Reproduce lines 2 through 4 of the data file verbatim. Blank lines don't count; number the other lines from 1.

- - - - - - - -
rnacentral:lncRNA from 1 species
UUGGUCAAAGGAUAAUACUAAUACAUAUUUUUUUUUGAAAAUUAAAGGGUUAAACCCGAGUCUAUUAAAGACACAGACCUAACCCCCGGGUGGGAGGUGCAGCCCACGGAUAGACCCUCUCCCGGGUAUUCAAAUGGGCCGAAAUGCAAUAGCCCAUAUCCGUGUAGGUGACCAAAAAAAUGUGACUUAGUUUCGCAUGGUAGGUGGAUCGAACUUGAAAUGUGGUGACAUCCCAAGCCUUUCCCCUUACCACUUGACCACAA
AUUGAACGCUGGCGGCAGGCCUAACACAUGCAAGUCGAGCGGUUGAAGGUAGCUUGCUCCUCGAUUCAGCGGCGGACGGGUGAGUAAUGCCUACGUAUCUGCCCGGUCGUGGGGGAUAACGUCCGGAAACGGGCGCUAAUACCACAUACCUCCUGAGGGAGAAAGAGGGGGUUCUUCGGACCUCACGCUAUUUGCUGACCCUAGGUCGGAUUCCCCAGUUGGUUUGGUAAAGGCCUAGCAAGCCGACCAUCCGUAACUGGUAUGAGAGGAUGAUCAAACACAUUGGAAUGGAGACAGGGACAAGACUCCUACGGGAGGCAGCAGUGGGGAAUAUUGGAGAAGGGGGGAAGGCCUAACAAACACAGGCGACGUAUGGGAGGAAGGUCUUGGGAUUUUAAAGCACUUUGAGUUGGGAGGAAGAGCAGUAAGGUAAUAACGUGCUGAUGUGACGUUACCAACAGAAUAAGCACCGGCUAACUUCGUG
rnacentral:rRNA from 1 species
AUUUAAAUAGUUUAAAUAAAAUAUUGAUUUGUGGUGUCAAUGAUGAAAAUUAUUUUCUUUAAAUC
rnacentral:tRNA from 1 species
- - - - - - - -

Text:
UUGGUCAAAGGAUAAUACUAAUACAUAUUUUUUUUUGAAAAUUAAAGGGUUAAACCCGAGUCUAUUAAAGACACAGACCUAACCCCCGGGUGGGAGGUGCAGCCCACGGAUAGACCCUCUCCCGGGUAUUCAAAUGGGCCGAAAUGCAAUAGCCCAUAUCCGUGUAGGUGACCAAAAAAAUGUGACUUAGUUUCGCAUGGUAGGUGGAUCGAACUUGAAAUGUGGUGACAUCCCAAGCCUUUCCCCUUACCACUUGACCACAA
AUUGAACGCUGGCGGCAGGCCUAACACAUGCAAGUCGAGCGGUUGAAGGUAGCUUGCUCCUCGAUUCAGCGGCGGACGGGUGAGUAAUGCCUACGUAUCUGCCCGGUCGUGGGGGAUAACGUCCGGAAACGGGCGCUAAUACCACAUACCUCCUGAGGGAGAAAGAGGGGGUUCUUCGGACCUCACGCUAUUUGCUGACCCUAGGUCGGAUUCCCCAGUUGGUUUGGUAAAGGCCUAGCAAGCCGACCAUCCGUAACUGGUAUGAGAGGAUGAUCAAACACAUUGGAAUGGAGACAGGGACAAGACUCCUACGGGAGGCAGCAGUGGGGAAUAUUGGAGAAGGGGGGAAGGCCUAACAAACACAGGCGACGUAUGGGAGGAAGGUCUUGGGAUUUUAAAGCACUUUGAGUUGGGAGGAAGAGCAGUAAGGUAAUAACGUGCUGAUGUGACGUUACCAACAGAAUAAGCACCGGCUAACUUCGUG
rnacentral:rRNA from 1 species